Director Alex Proyas recently posted a screed on Facebook in which he rails against film critics and film criticism, saying things like, “…contrary to what a critic should probably be they have no personal taste or opinion, because they are basing their views on the status quo.” Proyas is unhappy with the general state of film criticism because his new movie, Gods of Egypt, was recently dealt a drubbing, garnering a 12% on Rotten Tomatoes. Gods of Egypt is now the first major flop of 2016.

Gods of Egypt, which had to issue an apology for the predominately white cast of a movie set in Ancient Egyptian times, is a superhero movie with gods and goddesses in the place of caped crusaders. Proyas, best known for directing The Crow and most notable for Dark City, was born in Egypt but grew up in Australia, and his passion for the mythology of his heritage is clear, but Gods of Egypt has more in common with Jupiter Ascending than it does classical mythology.

The movie loosely—very very very loosely—tells the Osiris myth, in which Osiris’s son, Horus, must fight his uncle, Set, after Set murders Osiris. It’s a straight forward revenge tale, straight from the 24th century BCE. Not content to merely reinterpret one of the literal oldest stories in the book, Proyas, along with screenwriters Matt Sazama and Burk Sharpless—a real person’s real name—who are also responsible for The Last Witch Hunter, decides to throw in dumb humans, a vagina smoke monster, and superheroes, and then includes a sequel-baiting ending that is laugh-out-loud audacious after the hundred and twenty minutes that precede it.

Gerard Butler stars as the Scottish Egyptian god Set, and Nikolaj Coster-Waldau appears as Horus, who in this version is not conceived from his dead father’s reconstituted body but is just a normal god-prince, drinking and f*cking and oversleeping his way to his coronation as the king of everything. His coronation is interrupted by his jealous uncle Set—shades of Thor and Loki—who murders Osiris and blinds Horus and throws him out into the desert while Set takes over and enslaves everyone and is generally an asshole.

Enter the humans, because what stories about gods and monsters need are dumb humans stumbling around. Eyebrow-laden human toothpaste ad Brenton Thwaites (The Giver) shows up as Bek, a thief and street urchin ripped right from Aladdin. Bek doesn’t care for the gods but his girlfriend (Courtney Eaton, Mad Max: Fury Road) is devoted to Horus for no real reason, so they go to Horus’s coronation and watch the PG-13 carnage unfold and then are promptly enslaved.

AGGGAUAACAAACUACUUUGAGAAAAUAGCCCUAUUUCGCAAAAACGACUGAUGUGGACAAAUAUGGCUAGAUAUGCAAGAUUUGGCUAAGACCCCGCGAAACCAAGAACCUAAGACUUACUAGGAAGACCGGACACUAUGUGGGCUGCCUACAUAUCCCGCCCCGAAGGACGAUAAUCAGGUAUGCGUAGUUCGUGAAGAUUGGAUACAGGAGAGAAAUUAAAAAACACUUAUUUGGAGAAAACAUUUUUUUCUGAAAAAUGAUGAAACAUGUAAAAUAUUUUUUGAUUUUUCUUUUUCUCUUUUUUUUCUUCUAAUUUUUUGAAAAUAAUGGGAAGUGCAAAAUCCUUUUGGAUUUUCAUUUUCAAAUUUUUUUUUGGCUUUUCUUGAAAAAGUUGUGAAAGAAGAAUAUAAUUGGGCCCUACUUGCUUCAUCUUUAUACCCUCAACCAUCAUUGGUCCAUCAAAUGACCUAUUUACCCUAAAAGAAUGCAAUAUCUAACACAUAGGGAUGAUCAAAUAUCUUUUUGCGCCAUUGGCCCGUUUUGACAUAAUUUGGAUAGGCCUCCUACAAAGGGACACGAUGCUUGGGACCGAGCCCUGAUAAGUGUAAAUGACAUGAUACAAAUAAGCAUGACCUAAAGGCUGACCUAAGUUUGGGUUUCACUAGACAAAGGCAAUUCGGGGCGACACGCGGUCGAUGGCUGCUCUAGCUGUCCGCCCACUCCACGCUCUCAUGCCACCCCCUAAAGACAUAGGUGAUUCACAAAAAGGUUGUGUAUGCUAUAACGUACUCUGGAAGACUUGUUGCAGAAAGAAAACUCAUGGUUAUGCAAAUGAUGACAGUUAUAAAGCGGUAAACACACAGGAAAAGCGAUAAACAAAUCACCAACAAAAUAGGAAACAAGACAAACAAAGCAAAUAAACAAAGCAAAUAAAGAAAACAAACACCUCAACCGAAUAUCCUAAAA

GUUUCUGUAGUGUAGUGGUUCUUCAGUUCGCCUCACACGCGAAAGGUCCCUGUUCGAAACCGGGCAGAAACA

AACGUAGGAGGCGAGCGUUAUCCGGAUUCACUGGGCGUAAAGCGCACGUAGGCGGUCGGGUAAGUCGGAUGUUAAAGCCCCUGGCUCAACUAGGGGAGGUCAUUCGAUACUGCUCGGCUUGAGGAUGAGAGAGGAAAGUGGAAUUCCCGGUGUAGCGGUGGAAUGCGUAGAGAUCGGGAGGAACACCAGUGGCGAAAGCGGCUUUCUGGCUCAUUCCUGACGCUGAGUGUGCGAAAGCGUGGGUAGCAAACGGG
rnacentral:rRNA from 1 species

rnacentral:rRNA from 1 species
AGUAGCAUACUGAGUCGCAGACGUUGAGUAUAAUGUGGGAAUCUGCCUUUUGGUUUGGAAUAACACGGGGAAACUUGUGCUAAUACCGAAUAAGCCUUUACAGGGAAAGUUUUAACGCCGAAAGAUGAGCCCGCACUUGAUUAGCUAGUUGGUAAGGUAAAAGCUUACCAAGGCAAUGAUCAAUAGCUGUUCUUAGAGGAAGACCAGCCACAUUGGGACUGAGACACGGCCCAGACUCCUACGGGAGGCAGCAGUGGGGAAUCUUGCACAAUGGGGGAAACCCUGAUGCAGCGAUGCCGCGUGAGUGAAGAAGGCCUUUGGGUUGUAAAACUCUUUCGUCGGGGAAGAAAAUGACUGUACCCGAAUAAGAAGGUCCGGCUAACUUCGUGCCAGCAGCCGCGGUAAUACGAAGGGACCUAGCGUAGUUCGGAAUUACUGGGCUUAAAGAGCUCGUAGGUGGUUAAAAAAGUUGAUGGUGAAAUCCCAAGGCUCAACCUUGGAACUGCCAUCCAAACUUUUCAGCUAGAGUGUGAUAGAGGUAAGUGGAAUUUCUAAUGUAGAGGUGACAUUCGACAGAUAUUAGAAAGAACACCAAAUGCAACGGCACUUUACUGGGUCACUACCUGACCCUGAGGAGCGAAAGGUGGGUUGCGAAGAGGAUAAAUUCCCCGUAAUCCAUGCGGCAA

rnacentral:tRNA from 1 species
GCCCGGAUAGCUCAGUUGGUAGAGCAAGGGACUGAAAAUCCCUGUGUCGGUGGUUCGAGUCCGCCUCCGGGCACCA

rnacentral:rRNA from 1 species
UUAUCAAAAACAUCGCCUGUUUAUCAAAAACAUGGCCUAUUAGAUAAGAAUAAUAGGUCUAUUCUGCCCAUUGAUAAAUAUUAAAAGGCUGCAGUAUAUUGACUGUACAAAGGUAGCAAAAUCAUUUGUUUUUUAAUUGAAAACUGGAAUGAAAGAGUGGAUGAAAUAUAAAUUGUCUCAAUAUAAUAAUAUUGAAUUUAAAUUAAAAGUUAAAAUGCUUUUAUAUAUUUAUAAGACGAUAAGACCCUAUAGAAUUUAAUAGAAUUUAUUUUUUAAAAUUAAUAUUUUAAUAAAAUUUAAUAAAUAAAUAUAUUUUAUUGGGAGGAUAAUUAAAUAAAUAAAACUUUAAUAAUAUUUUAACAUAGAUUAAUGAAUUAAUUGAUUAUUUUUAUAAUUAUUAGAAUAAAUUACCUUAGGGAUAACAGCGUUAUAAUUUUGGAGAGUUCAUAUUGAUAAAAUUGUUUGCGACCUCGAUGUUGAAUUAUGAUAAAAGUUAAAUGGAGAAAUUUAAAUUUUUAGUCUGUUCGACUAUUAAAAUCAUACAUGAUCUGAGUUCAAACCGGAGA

The movie is only half about Horus redeeming himself and avenging his father, as the other half is occupied with a vaguely Orphean story about Bek trying to save his dead girlfriend that no one cares about, and the two stories never quite mesh. There’s also a subplot about Geoffrey Rush as the sun-god Ra, being in space and fighting a smoke vagina monster over a flat Earth. That’s just like a five-minute cut scene, but keep in mind that throughout Gods of Egypt, Geoffrey Rush is in space, fighting a smoke vagina monster, and somehow this isn’t the entire movie.

Horus and his golden retriever sidekick traipse through the desert and get together the god-avengers to fight Set, which includes Hathor, goddess of love (Elodie Yung, Daredevil’s Elektra), and Toth, god of wisdom. Toth is played by Chadwick Boseman doing an utterly insane accent and weirdly foppish performance that borders on Eddie Redmayne In Jupiter Ascending levels of crazy. I don’t know what Boseman was doing here, except possibly trying to disappear himself from the movie entirely by sucking so hard he creates a black hole that will consume him and obliterate this performance from the record.

Going to compliment Butler here and say that he almost manages to make this mess watchable, but that’s also in contrast to Coster-Waldau, who is less than compelling as Horus, and the wet noodle trying to save his girlfriend oh my god who even cares about them. Even the movie isn’t interested in that story—every cut to Dead Girl Walking comes with a metaphorical eye roll and a huffed, “This is still happening.” The movie ends with a CG-nonsense fight between a jackal man and an eagle man—oh yeah, the gods are also transformers—and Proyas uses different camera techniques to shoot action but never settles on one so the end effect is like watching a movie from inside a trash compactor where nothing makes sense and you’re covered in garbage. And that’s basically Gods of Egypt in a nutshell: None of this garbage makes sense.